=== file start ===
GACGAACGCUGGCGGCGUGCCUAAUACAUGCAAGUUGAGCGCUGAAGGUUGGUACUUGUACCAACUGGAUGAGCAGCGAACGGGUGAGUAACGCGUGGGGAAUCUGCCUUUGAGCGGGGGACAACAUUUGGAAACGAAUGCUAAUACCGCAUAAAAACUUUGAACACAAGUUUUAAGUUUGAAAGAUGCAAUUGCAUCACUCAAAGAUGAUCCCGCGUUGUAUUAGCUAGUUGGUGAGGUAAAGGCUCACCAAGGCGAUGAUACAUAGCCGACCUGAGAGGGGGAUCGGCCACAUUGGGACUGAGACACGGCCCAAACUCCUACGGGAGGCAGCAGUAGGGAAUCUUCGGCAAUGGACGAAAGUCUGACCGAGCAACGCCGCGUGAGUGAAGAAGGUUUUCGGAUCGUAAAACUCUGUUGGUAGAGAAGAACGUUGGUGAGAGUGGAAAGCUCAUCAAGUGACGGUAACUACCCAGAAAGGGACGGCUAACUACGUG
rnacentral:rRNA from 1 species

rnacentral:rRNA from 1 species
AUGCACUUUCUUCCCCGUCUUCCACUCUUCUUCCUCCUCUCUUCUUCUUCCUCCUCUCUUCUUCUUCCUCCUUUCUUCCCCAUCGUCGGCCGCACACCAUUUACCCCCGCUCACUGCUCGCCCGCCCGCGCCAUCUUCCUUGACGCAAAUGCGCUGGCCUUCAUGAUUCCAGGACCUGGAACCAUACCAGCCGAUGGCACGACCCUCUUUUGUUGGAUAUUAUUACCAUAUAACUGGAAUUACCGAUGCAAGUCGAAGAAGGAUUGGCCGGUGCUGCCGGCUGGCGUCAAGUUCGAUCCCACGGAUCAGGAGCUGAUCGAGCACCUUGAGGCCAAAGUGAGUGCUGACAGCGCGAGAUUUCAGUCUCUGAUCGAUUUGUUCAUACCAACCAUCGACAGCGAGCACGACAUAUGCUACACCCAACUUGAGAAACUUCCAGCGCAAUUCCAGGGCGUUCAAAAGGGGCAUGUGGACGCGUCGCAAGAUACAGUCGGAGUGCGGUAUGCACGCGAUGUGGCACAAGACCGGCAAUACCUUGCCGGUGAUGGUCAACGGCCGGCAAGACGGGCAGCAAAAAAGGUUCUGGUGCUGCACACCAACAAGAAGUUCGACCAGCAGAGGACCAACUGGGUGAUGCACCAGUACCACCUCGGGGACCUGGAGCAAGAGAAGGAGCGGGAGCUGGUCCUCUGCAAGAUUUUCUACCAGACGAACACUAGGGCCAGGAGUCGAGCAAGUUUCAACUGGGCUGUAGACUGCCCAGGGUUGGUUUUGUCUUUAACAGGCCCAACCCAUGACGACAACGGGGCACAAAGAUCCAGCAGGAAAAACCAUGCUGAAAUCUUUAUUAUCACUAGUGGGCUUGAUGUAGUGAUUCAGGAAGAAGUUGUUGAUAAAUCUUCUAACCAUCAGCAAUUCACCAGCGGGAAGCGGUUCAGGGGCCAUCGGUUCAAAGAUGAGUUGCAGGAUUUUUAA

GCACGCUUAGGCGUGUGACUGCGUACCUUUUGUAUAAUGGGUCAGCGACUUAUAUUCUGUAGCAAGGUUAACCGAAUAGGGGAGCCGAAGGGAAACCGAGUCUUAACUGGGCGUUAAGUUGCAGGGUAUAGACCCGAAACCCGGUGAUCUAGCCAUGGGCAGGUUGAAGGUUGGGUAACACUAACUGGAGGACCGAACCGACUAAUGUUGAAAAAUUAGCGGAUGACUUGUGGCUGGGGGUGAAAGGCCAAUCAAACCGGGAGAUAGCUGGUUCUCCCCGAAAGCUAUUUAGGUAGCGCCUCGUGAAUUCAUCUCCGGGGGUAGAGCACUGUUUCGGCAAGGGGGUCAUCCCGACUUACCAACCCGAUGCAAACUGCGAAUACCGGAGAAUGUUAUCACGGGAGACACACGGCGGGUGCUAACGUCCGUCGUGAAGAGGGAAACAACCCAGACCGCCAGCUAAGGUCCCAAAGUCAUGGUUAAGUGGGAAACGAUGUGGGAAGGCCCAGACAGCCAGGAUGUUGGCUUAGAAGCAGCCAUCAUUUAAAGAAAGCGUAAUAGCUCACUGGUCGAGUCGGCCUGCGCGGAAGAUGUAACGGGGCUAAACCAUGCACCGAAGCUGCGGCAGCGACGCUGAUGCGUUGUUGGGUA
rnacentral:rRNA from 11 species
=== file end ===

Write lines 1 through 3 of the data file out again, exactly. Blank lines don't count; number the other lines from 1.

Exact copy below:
GACGAACGCUGGCGGCGUGCCUAAUACAUGCAAGUUGAGCGCUGAAGGUUGGUACUUGUACCAACUGGAUGAGCAGCGAACGGGUGAGUAACGCGUGGGGAAUCUGCCUUUGAGCGGGGGACAACAUUUGGAAACGAAUGCUAAUACCGCAUAAAAACUUUGAACACAAGUUUUAAGUUUGAAAGAUGCAAUUGCAUCACUCAAAGAUGAUCCCGCGUUGUAUUAGCUAGUUGGUGAGGUAAAGGCUCACCAAGGCGAUGAUACAUAGCCGACCUGAGAGGGGGAUCGGCCACAUUGGGACUGAGACACGGCCCAAACUCCUACGGGAGGCAGCAGUAGGGAAUCUUCGGCAAUGGACGAAAGUCUGACCGAGCAACGCCGCGUGAGUGAAGAAGGUUUUCGGAUCGUAAAACUCUGUUGGUAGAGAAGAACGUUGGUGAGAGUGGAAAGCUCAUCAAGUGACGGUAACUACCCAGAAAGGGACGGCUAACUACGUG
rnacentral:rRNA from 1 species

rnacentral:rRNA from 1 species